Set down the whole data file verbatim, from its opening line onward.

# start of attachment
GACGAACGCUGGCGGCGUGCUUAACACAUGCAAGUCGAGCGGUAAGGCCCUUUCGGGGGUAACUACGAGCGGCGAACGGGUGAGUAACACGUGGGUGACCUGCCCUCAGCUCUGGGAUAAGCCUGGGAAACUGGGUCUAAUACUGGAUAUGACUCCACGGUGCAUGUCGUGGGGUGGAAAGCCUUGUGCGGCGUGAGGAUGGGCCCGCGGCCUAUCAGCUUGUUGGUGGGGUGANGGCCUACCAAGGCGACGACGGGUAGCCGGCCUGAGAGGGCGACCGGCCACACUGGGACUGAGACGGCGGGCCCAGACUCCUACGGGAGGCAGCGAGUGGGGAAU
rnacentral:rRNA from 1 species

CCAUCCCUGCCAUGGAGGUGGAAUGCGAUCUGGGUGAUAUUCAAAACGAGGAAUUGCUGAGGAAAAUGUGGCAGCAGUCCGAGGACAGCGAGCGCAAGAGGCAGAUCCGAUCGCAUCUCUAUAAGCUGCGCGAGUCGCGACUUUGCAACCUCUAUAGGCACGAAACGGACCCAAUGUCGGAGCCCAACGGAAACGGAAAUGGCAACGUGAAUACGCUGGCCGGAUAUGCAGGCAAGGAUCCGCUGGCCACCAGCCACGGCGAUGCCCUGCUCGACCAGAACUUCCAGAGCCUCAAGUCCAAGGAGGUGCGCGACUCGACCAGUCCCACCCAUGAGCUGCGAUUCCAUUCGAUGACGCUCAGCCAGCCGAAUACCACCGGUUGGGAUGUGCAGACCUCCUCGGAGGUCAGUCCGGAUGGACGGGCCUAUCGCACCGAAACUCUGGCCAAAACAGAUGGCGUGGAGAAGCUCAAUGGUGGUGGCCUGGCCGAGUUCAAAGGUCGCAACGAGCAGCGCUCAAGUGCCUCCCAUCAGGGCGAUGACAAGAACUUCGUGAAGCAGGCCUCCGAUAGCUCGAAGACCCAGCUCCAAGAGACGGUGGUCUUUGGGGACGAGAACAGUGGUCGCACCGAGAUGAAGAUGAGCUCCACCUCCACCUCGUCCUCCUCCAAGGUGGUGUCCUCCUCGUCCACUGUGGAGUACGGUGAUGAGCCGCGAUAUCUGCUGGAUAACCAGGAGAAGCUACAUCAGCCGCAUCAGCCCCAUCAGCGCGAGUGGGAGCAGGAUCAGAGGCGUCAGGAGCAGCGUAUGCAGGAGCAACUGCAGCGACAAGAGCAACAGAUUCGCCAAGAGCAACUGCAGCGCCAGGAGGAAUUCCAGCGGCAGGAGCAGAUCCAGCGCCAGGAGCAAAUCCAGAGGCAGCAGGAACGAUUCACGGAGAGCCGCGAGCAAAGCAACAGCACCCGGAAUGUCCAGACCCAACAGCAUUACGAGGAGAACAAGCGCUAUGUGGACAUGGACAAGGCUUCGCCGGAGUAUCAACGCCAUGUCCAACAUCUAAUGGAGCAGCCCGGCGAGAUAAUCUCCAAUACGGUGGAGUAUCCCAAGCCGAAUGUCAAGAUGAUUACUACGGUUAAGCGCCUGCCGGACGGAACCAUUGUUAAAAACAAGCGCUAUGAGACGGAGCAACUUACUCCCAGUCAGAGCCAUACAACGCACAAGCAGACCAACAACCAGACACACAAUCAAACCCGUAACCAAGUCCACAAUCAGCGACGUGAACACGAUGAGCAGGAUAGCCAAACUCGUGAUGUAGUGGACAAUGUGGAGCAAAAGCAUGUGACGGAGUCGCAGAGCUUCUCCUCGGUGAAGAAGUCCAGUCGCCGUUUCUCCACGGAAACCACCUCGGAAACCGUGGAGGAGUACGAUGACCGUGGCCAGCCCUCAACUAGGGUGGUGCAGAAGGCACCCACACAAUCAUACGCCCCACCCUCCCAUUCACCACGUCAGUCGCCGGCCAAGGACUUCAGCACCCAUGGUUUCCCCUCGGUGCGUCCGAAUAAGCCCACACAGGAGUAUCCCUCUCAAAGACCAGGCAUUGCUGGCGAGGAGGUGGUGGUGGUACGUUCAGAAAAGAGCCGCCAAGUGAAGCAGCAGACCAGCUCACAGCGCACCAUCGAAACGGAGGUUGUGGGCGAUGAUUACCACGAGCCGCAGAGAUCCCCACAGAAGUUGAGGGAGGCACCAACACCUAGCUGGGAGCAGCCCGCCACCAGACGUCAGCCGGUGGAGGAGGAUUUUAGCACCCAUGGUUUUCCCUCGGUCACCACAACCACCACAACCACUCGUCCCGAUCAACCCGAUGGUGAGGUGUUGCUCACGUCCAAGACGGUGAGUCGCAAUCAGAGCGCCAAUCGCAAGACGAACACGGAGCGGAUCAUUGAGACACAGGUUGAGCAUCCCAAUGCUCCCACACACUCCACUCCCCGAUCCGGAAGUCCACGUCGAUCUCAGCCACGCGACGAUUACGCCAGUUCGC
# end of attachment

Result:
GACGAACGCUGGCGGCGUGCUUAACACAUGCAAGUCGAGCGGUAAGGCCCUUUCGGGGGUAACUACGAGCGGCGAACGGGUGAGUAACACGUGGGUGACCUGCCCUCAGCUCUGGGAUAAGCCUGGGAAACUGGGUCUAAUACUGGAUAUGACUCCACGGUGCAUGUCGUGGGGUGGAAAGCCUUGUGCGGCGUGAGGAUGGGCCCGCGGCCUAUCAGCUUGUUGGUGGGGUGANGGCCUACCAAGGCGACGACGGGUAGCCGGCCUGAGAGGGCGACCGGCCACACUGGGACUGAGACGGCGGGCCCAGACUCCUACGGGAGGCAGCGAGUGGGGAAU
rnacentral:rRNA from 1 species

CCAUCCCUGCCAUGGAGGUGGAAUGCGAUCUGGGUGAUAUUCAAAACGAGGAAUUGCUGAGGAAAAUGUGGCAGCAGUCCGAGGACAGCGAGCGCAAGAGGCAGAUCCGAUCGCAUCUCUAUAAGCUGCGCGAGUCGCGACUUUGCAACCUCUAUAGGCACGAAACGGACCCAAUGUCGGAGCCCAACGGAAACGGAAAUGGCAACGUGAAUACGCUGGCCGGAUAUGCAGGCAAGGAUCCGCUGGCCACCAGCCACGGCGAUGCCCUGCUCGACCAGAACUUCCAGAGCCUCAAGUCCAAGGAGGUGCGCGACUCGACCAGUCCCACCCAUGAGCUGCGAUUCCAUUCGAUGACGCUCAGCCAGCCGAAUACCACCGGUUGGGAUGUGCAGACCUCCUCGGAGGUCAGUCCGGAUGGACGGGCCUAUCGCACCGAAACUCUGGCCAAAACAGAUGGCGUGGAGAAGCUCAAUGGUGGUGGCCUGGCCGAGUUCAAAGGUCGCAACGAGCAGCGCUCAAGUGCCUCCCAUCAGGGCGAUGACAAGAACUUCGUGAAGCAGGCCUCCGAUAGCUCGAAGACCCAGCUCCAAGAGACGGUGGUCUUUGGGGACGAGAACAGUGGUCGCACCGAGAUGAAGAUGAGCUCCACCUCCACCUCGUCCUCCUCCAAGGUGGUGUCCUCCUCGUCCACUGUGGAGUACGGUGAUGAGCCGCGAUAUCUGCUGGAUAACCAGGAGAAGCUACAUCAGCCGCAUCAGCCCCAUCAGCGCGAGUGGGAGCAGGAUCAGAGGCGUCAGGAGCAGCGUAUGCAGGAGCAACUGCAGCGACAAGAGCAACAGAUUCGCCAAGAGCAACUGCAGCGCCAGGAGGAAUUCCAGCGGCAGGAGCAGAUCCAGCGCCAGGAGCAAAUCCAGAGGCAGCAGGAACGAUUCACGGAGAGCCGCGAGCAAAGCAACAGCACCCGGAAUGUCCAGACCCAACAGCAUUACGAGGAGAACAAGCGCUAUGUGGACAUGGACAAGGCUUCGCCGGAGUAUCAACGCCAUGUCCAACAUCUAAUGGAGCAGCCCGGCGAGAUAAUCUCCAAUACGGUGGAGUAUCCCAAGCCGAAUGUCAAGAUGAUUACUACGGUUAAGCGCCUGCCGGACGGAACCAUUGUUAAAAACAAGCGCUAUGAGACGGAGCAACUUACUCCCAGUCAGAGCCAUACAACGCACAAGCAGACCAACAACCAGACACACAAUCAAACCCGUAACCAAGUCCACAAUCAGCGACGUGAACACGAUGAGCAGGAUAGCCAAACUCGUGAUGUAGUGGACAAUGUGGAGCAAAAGCAUGUGACGGAGUCGCAGAGCUUCUCCUCGGUGAAGAAGUCCAGUCGCCGUUUCUCCACGGAAACCACCUCGGAAACCGUGGAGGAGUACGAUGACCGUGGCCAGCCCUCAACUAGGGUGGUGCAGAAGGCACCCACACAAUCAUACGCCCCACCCUCCCAUUCACCACGUCAGUCGCCGGCCAAGGACUUCAGCACCCAUGGUUUCCCCUCGGUGCGUCCGAAUAAGCCCACACAGGAGUAUCCCUCUCAAAGACCAGGCAUUGCUGGCGAGGAGGUGGUGGUGGUACGUUCAGAAAAGAGCCGCCAAGUGAAGCAGCAGACCAGCUCACAGCGCACCAUCGAAACGGAGGUUGUGGGCGAUGAUUACCACGAGCCGCAGAGAUCCCCACAGAAGUUGAGGGAGGCACCAACACCUAGCUGGGAGCAGCCCGCCACCAGACGUCAGCCGGUGGAGGAGGAUUUUAGCACCCAUGGUUUUCCCUCGGUCACCACAACCACCACAACCACUCGUCCCGAUCAACCCGAUGGUGAGGUGUUGCUCACGUCCAAGACGGUGAGUCGCAAUCAGAGCGCCAAUCGCAAGACGAACACGGAGCGGAUCAUUGAGACACAGGUUGAGCAUCCCAAUGCUCCCACACACUCCACUCCCCGAUCCGGAAGUCCACGUCGAUCUCAGCCACGCGACGAUUACGCCAGUUCGC